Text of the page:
1022-7954/04/4012- © 2004
Russian Journal of Genetics, Vol. 40, No. 12, 2004, pp. 1356–1363. Translated from Genetika, Vol. 40, No. 12, 2004, pp. 1637–1645.
Original Russian Text Copyright © 2004 by Istomina, Snegireva, Shiyan.
The attenuated tomato strain V-69 of tobacco
mosaic virus (TMV) belongs to the tobamovirus group.
As in all other tobamoviruses, the single positive strand
of the viral genomic RNA carries information on repli-
case proteins (126 kDa/183 kDa), transport protein
(TP; 30 kDa), and coat protein (CP; 17.5 kDa). The col-
linear 126- and 183-kDa proteins are translated from a
common 5'-proximal open reading frame in the course
of the cotranslational dissociation of viral particles
immediately after the virus penetration into a plant cell:
the synthesis of the 126-kDa protein is terminated on
the internal termination amber codon (UAG), and the
183-kDa protein is formed if the termination codon is
read through [1, 2]. The TP and CP are translated from
subgenomic mRNAs that are 3'-coterminal and are
transcribed from the negative strand of the TMV RNA
at some distance from the respective subgenomic pro-
moters [3–5]. The main function of the TP is to trans-
port the virus from cell to cell; in addition, it is neces-
sary for the formation of the replicative complex .
The CP is involved in the systemic transport of the virus
in a plant ; it is the only structural protein coating the
genomic RNA and sometimes determining speciﬁc
symptoms . Within the 183-kDa protein gene, an
additional reading frame for the 54-kDa protein trans-
lated from the subgenomic mRNA has been found. This
protein has never been found in plant tissues infected
with the virus .
The TMV V-69 strain is a natural attenuated strain
that was obtained earlier in our laboratory and is used
in practical agronomy for vaccination of tomato .
This strain does not cause noticeable symptoms of the
viral disease in susceptible tomato plants and causes
only slightly manifested symptoms in tobacco plants. It
induces necroses in the leaves of hypersensitive hosts.
The V-69 strain can reproduce in tomato plants carrying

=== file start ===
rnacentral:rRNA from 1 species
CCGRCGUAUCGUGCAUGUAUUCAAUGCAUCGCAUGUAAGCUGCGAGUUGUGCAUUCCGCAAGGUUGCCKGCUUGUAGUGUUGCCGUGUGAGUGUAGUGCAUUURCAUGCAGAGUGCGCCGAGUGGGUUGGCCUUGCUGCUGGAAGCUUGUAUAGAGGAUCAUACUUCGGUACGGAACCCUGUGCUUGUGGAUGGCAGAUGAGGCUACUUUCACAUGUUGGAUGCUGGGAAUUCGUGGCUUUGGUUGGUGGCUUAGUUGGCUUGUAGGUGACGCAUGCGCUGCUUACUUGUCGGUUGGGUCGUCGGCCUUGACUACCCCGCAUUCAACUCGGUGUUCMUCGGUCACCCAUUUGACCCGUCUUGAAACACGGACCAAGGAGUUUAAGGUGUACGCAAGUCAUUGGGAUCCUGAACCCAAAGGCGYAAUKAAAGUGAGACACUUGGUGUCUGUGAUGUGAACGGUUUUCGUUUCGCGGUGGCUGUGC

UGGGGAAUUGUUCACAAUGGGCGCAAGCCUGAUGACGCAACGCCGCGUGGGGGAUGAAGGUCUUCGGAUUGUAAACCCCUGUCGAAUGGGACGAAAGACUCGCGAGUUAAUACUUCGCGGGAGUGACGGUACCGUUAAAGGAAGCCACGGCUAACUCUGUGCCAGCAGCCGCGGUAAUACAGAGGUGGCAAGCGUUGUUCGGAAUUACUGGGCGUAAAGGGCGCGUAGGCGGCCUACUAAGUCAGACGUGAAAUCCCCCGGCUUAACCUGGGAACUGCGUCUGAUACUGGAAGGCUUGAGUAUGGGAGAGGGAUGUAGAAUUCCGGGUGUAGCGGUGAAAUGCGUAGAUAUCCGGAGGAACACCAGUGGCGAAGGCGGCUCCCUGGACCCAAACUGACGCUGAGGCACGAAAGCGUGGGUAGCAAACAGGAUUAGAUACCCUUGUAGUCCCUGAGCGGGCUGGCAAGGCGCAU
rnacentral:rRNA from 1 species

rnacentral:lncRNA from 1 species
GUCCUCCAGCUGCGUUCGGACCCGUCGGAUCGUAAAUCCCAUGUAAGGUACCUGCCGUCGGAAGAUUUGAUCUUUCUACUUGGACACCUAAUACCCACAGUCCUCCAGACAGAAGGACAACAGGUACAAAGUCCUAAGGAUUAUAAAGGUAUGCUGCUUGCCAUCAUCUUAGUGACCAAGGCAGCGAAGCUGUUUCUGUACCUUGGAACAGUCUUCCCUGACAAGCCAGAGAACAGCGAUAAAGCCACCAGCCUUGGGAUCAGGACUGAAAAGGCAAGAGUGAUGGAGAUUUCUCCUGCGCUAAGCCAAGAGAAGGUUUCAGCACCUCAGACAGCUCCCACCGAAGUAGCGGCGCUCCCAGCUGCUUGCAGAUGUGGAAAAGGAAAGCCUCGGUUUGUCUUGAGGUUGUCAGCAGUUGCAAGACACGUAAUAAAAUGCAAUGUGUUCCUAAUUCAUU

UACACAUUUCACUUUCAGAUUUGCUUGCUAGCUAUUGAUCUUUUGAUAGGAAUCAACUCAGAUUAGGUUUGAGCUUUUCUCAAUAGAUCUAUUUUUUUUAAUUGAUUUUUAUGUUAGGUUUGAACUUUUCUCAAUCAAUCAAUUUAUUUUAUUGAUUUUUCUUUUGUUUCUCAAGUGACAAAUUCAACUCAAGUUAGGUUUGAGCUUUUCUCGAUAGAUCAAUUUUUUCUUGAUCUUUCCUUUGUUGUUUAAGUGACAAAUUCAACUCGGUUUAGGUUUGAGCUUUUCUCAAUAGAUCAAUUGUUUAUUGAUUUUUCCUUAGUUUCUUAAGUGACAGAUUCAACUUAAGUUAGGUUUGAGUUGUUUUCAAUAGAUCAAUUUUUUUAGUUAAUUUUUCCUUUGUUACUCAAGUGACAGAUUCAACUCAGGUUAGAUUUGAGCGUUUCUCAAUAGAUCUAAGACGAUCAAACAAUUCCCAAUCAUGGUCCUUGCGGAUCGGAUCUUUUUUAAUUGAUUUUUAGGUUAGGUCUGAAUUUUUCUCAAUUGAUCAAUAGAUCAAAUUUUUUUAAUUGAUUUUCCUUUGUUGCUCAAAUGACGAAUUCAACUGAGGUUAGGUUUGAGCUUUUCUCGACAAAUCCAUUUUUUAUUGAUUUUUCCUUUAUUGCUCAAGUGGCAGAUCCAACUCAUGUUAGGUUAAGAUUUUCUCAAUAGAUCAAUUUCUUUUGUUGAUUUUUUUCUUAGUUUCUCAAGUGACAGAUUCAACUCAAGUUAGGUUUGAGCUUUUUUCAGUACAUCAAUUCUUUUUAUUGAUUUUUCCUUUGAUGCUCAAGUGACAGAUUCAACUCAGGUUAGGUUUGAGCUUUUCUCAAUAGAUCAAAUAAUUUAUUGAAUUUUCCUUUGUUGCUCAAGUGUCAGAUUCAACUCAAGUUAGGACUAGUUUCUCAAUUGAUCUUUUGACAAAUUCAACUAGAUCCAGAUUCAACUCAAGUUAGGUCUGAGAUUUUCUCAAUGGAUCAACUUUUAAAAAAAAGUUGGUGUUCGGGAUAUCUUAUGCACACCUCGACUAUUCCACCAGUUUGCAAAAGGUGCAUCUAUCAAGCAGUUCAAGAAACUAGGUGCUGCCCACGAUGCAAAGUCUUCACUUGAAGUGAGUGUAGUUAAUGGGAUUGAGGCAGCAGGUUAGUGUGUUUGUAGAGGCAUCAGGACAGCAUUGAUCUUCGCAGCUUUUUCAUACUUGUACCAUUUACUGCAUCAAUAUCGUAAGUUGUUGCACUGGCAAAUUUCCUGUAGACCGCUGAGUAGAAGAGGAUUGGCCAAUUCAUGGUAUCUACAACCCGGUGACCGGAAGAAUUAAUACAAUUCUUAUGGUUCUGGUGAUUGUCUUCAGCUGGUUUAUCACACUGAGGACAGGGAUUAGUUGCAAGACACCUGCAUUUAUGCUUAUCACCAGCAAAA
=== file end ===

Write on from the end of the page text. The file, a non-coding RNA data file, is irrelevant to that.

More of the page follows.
the resistance gene
The TMV V-69 strain repro-
tomato plants retains its attenuated phe-
notype, which extends the ﬁeld of its application; V-69
may be used for protecting susceptible tomato plants
Earlier, we demonstrated [11, 12] that the genome
of the TMV V-69 strain contains 38 nucleotide substi-
tutions compared to the pathogenic tomato strains L .
Six out of 38 substitutions cause changes in the amino
acid sequences of the proteins encoded by the virus,
ﬁve substitutions being located in replicase proteins
(four in the sequence that is common for the 126-kDa
and 183-kDa proteins and one in the 183-kDa one) and
one substitution in the CP .
In this study, we obtained a full-length cDNA copy
of the TMV strain V-69 RNA integrated into the pBS(+)
vector under the control of the promoter of the phage
T7 polymerase. For convenience, all restriction sites
located in the genome itself were eliminated using in
vitro point mutagenesis and one
dIII site in the viral
nucleotide sequence was inactivated. After in vitro tran-
scription, we obtained an RNA that did not cause
noticeable symptoms of the disease in tomato plants
and in tobacco.
The full-length copy may be used for studying the
effects of mutations found in the TMV V-69 strain on
the virus pathogenicity and for constructing a vector for
transit gene expression [14–16].
Construction of a Full-Length cDNA
of Tobacco Mosaic Virus Strain V-69 Genome
E. A. Istomina, P. B. Snegireva, and A. N. Shiyan
Vavilov Institute of General Genetics, Russian Academy of Sciences, 119991 Russia; e-mail: firstname.lastname@example.org
Received June 3, 2004
—The genome of the tobacco mosaic virus (TMV) strain V-69 was sequenced by us earlier. The com-
parison of its nucleotide sequence with those of well-known tobamovirus strains (using published data) dem-
onstrated considerable homology between strain V-69 and tomato strain L of TMV. In this study, full-length
cDNA copy of TMV strain V-69 genomic RNA has been cloned in vector pBS(+) under the control of the T7
promoter and with an
I site at the 3'-terminus. The in vitro transcription of this construction with the use of
phage T7 RNA polymerase in the presence of a cap analog (m
GpppG) has yielded an infectious RNA. This
RNA has induced the same symptoms as those caused by TMV strain V-69 in infected indicator plants. Three
point mutations inactivating one of two
dIII sites have been introduced into the cDNA. The absence of the
dIII site at position 1449 of the viral nucleotide sequence and the corresponding mutations serve as markers
of the construction obtained. The full-length cDNA copy of the TMV strain V-69 RNA can be used both as a
research tool and for constructing a vector for foreign gene expression.